Tracking Racism in COVID-19

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This post by Avvy Go is part of the “(In)Security in the Time of COVID-19” series. Read the rest of the series here.

It would be wrong to think of anti-Asian racism in general and anti-Chinese racism in particular, as something that only happens during COVID-19, or that only occurs on an individual level.

Like all forms of racism, anti-Asian racism has a long history in Canada.  It is deeply embedded in our institutions, laws and policies.

Despite their long history in Canada, and their contributions to the building of the Canadian Pacific Railroad and Canadian society, Chinese Canadians were subjected to over 60 years of legislated racism in the form of the Chinese Head Tax and Exclusion Act and other discriminatory laws. After having been in Canada for over 150 years, Chinese Canadians are still perceived as foreigners.

Even the idea that Chinese brings diseases to Canada is nothing new. This stereotype started long before the coronavirus was known to us. The 1885 Royal Commission on Chinese Immigration described Chinatowns as “hotbed[s] of diseases”. The portrayal of Chinese Canadians and other East Asian Canadians as “yellow peril” resurfaced again in 2003 during the SARS crisis.

Racism is structural and systemic in nature. It is also the toughest to overcome because we Canadians want to think of ourselves as open and welcoming.  We have a hard time accepting the fact that when it comes to racial inequality, we are no better than our neighbours to the south.

Acknowledging systemic racism and understanding what it does and looks like is the first step toward effective advocacy for racial justice and ultimately reconciliation.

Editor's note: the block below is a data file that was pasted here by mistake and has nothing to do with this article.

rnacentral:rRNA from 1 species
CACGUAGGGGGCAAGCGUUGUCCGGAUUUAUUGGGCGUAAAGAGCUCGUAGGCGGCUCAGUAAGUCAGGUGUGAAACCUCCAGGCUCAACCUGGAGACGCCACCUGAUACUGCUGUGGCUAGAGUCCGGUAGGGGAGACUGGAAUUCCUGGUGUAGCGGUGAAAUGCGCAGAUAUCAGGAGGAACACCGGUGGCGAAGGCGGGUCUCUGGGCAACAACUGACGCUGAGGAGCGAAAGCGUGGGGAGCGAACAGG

COVID-19 exacerbates pre-existing racism and discrimination.  We have all heard about the devastating impact of COVID on migrant workers, and the higher infection rates among certain racialized groups (in particular, amongst Black, Indigenous and South Asian communities). Another area where the pandemic widens racial gaps is in employment.

The Statistics Canada Labour Force Survey released in August, 2020 showed that there have been unprecedented increases in unemployment due to the COVID-19 economic shutdown, particularly among racialized communities. The rates of joblessness are significantly above average for South Asian, Arab, and Black communities. The Report also found that South Asian and Chinese Canadians experienced much higher increases in unemployment from July 2019 to July 2020, compared to other groups.

At the Chinese & Southeast Asian Legal Clinic (CSALC), we started to see the impact of COVID-19 in January of this year, before Canada had its first reported case of the coronavirus, before WHO declared a global pandemic, and before the COVID-19 was given its name.

Months before the lock down, due to anti-Chinese racism, many Canadians stopped going to Chinese-run supermarkets and restaurants. Online and social media posts began to amplify false rumours about how and where the virus was spread across the GTA, targeting Chinese-run businesses in particular.

During the second week of January, over 10,000 parents living in York Region signed an online petition calling on all school boards to ban Chinese students from attending. York Region did not even have a single reported case of coronavirus at that time.